Another example of a revival that doesn’t always work is Sonic Boom, on Cartoon Network and Boomerang. The beloved video game character, Sonic the Hedgehog, has been adapted to television screens quite a few times, from Adventures of Sonic the Hedgehog, to Sonic the Hedgehog (also known as Sonic SatAM), to Sonic Underground, to Sonic X, and most recently, Sonic Boom. Sonic Boom gives new designs and personalities to all your favorite characters that you grew up with on the Sega Genesis, and it is more comedic than other reiterations of Sonic the Hedgehog. The best way to describe Sonic Boom’s humor is that it is hit-or-miss. While it is not a necessarily unsuccessful revival, unlike Teen Titans Go, Sonic Boom is still an enjoyable series regardless.

    In the end, revivals for beloved television series don’t always work. They don’t always live up to their original source material.

    -David McInerney

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  7. When I was a kid I loved most of the old Nickelodeon Cartoons my favorite cartoon was Rocket Power. I thought that Hey Arnold was a great show because what kid doesn’t want to live with his or her grandparents. The thing that I like about this blog is how in depth the description of the episode is. I also liked how the picture at the end of the blog really solidifies the point of the blog I believe the reason that Nickelodeon is bringing back some of the classic shows is because people especially people who grew up in the 90s and early 2000s want to share the cartoons that they watched with younger kids. In closing some of the shows that are being revived were some of the best shows of the time and Nickelodeon and other networks are realizing that people want to see these shows.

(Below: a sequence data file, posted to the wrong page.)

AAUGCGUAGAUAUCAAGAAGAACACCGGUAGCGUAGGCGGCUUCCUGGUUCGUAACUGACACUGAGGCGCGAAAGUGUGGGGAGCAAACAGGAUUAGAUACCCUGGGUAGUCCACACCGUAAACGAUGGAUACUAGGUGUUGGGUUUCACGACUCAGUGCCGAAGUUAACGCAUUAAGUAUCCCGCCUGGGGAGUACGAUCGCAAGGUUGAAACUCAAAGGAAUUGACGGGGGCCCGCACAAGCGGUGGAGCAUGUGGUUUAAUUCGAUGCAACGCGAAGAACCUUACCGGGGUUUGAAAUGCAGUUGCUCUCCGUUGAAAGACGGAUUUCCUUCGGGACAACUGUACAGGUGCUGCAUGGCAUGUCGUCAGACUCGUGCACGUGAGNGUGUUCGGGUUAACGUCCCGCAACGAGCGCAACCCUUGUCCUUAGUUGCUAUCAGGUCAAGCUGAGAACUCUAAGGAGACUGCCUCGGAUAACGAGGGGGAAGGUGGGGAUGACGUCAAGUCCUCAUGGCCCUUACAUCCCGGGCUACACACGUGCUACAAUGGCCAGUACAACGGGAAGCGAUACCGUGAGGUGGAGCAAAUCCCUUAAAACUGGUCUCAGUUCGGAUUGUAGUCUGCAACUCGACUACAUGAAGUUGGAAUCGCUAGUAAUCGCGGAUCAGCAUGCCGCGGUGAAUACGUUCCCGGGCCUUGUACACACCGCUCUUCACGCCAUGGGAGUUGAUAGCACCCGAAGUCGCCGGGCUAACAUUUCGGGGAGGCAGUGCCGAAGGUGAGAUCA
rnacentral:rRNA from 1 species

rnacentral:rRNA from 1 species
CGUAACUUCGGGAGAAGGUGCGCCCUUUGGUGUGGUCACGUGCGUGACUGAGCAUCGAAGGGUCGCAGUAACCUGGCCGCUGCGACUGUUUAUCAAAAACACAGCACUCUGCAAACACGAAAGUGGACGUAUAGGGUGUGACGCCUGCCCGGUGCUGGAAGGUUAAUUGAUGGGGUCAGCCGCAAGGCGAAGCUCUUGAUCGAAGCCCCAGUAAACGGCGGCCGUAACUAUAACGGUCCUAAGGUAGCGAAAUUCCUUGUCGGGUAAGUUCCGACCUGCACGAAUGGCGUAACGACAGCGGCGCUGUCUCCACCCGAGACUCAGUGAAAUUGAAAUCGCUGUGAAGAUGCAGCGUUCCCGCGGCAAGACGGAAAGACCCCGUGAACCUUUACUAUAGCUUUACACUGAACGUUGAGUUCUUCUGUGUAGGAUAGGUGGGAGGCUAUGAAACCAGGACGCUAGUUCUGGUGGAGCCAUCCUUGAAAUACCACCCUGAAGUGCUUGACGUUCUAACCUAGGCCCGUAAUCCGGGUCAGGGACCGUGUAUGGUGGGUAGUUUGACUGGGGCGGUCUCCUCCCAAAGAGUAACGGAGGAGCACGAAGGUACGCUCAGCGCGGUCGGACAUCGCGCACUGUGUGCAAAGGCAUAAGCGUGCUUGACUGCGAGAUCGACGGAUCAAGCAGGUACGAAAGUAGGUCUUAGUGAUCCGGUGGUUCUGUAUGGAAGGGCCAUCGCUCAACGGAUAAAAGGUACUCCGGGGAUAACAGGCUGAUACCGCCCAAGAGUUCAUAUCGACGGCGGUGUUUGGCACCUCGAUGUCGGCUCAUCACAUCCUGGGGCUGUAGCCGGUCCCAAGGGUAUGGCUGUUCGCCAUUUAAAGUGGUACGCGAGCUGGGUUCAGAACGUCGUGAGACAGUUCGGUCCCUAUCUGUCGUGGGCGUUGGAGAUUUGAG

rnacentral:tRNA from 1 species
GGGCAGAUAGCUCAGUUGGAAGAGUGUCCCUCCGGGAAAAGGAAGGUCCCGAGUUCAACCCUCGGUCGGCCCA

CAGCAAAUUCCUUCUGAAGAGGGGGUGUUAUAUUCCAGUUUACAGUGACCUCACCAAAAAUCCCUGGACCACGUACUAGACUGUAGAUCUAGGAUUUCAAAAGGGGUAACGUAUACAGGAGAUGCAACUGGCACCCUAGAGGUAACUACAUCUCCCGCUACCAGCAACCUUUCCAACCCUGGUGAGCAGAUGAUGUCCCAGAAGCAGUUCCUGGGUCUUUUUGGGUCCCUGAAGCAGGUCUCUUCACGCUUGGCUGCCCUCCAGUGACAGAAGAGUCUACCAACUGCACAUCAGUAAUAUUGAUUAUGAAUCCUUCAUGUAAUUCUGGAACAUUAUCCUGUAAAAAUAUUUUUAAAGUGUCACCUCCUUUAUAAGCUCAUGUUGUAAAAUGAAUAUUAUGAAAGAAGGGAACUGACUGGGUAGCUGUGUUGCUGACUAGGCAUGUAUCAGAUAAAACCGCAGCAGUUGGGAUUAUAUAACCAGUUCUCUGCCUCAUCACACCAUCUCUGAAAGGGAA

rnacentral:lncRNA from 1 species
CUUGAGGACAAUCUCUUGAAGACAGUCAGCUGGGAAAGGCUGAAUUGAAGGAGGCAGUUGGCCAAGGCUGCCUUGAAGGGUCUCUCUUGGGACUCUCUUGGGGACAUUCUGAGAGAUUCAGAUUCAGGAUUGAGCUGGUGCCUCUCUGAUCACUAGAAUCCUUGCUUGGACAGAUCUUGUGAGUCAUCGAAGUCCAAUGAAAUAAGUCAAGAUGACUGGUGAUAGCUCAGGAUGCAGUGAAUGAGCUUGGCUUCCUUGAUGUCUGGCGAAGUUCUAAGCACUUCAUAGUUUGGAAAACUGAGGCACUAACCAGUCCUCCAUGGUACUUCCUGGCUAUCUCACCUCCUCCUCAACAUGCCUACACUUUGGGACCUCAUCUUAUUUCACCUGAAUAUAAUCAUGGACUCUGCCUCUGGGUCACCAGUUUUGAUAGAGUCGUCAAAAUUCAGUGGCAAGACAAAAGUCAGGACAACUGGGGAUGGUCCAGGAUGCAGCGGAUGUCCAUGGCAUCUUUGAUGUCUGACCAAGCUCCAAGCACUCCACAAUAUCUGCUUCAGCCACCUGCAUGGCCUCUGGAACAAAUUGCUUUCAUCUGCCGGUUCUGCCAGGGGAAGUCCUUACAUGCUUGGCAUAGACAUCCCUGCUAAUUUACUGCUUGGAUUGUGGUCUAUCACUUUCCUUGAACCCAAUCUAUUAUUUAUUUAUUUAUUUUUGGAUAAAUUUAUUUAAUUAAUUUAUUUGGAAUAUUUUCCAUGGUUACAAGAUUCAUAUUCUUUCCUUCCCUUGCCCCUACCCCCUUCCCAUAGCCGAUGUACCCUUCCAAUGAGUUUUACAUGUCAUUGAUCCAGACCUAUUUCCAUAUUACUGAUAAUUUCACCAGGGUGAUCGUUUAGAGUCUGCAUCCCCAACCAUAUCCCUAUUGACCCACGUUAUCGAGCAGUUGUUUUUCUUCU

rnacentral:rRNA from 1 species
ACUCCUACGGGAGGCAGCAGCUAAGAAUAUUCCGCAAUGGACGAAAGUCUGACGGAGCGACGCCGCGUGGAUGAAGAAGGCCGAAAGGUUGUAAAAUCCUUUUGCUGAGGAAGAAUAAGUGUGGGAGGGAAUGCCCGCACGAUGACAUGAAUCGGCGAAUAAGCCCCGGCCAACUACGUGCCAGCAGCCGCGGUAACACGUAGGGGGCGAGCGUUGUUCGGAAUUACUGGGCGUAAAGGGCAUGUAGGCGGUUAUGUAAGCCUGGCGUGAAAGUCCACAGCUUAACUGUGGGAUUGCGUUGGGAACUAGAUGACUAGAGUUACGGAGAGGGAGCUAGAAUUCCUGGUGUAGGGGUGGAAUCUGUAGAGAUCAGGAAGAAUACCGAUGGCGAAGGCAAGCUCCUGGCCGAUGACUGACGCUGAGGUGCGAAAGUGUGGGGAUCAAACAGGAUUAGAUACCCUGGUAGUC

-Jack Lund